For Perfume: The Story of a Murderer, the question is the following :Throughout the novel, Grenouille is likened to a tick. Why do you think Süskind chose this analogy? In what ways does...
For Perfume: The Story of a Murderer, the question is the following :
Throughout the novel, Grenouille is likened to a tick. Why do you think Süskind chose this analogy? In what ways does Grenouille behave like a tick? What does this analogy reveal about his character that a more straightforward description would not?
The tick is a small insect that uses its sense of smell to locate victims, and then sucks the blood from that victim. Ticks do not spend a lot of time moving around, and they rarely interact with any other animals and they wait, silently,until they fall on a victim. They are not particularly dynamic insects, and they exist by being parasites on larger animals. To most people (aside from the fact that ticks can carry horrible diseases) ticks are loathsome insects; Grenouille is loathsome in the extreme, and has many of the same characteristics. For example, when Grenouille locates his victims, he does so entirely by smell. He also had personal smell of his own, a trait he shared with ticks (who have very little odor, because they rely on being undetectable on their host's body).
Perhaps the most important way that Grenouille is like a tick is in an emotional sense. The point Suskind was making was that Grenouille "decided" (somehow -- but remember this is a novel with many magical and fantastical elements) that he would choose "either life or love" at his birth. His mother had intended infanticide (by abandoning him in the street directly after she delivered him,) and if Grenouille had not cried out he would have died almost immediately, as had his four siblings before him. Setting aside the idea that newborn children "decide" anything, Grenouille cried out and was found, and subsequently saved. The fact that he was found wrote his mother's death warrant (she was guillotined for attempted infanticide,) and meant that there was no one in the world who could love Grenouille (even if it was impossible, anyway, that his mother could love him, since she wanted him to die), and his first act in the world was to be the (unwitting) cause of a death.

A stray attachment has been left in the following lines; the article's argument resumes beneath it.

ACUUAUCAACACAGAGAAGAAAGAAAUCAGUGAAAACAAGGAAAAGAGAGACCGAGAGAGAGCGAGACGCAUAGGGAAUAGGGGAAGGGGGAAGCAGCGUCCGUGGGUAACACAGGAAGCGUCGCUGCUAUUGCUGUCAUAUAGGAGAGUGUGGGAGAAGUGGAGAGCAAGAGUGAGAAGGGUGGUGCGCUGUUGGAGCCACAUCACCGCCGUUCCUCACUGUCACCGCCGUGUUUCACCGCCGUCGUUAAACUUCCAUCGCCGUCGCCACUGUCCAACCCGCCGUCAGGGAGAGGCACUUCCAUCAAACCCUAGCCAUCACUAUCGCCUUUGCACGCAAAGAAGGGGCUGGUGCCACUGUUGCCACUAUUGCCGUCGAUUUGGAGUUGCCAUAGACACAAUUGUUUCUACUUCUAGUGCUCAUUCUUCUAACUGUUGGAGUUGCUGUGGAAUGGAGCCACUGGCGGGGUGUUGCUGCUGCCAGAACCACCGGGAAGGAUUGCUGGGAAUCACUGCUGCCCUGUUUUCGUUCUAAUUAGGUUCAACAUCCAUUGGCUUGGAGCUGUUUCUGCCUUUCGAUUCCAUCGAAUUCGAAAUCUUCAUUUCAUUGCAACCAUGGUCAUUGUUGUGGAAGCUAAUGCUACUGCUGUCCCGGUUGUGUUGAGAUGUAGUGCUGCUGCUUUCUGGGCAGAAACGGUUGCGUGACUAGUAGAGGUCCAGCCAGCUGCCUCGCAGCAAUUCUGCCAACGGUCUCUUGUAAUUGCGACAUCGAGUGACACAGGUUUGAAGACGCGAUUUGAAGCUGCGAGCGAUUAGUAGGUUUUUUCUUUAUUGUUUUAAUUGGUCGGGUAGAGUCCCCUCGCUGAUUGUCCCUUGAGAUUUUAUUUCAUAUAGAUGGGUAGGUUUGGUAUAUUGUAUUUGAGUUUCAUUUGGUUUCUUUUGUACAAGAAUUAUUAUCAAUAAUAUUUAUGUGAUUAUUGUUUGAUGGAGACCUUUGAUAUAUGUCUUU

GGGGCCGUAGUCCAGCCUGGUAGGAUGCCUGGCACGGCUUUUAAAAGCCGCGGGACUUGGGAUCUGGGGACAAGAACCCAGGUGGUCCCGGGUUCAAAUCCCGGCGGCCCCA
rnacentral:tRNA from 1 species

Therefore, Grenouille went on to exist without anyone ever loving him (Madame Gaillard, who raised him, had been struck in the head as child, and had no emotions) -- but he lived. He waited, like a tick, for his chance to have freedom, and, eventually, to realize his talents. But his talents were so extreme (his superior sense of smell, and his genius for identifying and combining them) that he came to learn that the best smells could only be obtained by killing human beings -- like the parasitic tick sucking its only food, the blood of its victims.
The analogy is not exact, but it is not meant to be. Grenouille shared many traits with ticks, but he was person, not an insect. He was not killing people to survive, as a tick (non-fatally, unlike Grenouille) drinks the blood of its host to survive, but merely satisfying his only pleasure -- that of scent. But the comparison is apt enough to make sense and to reveal aspects of Grenouille's character.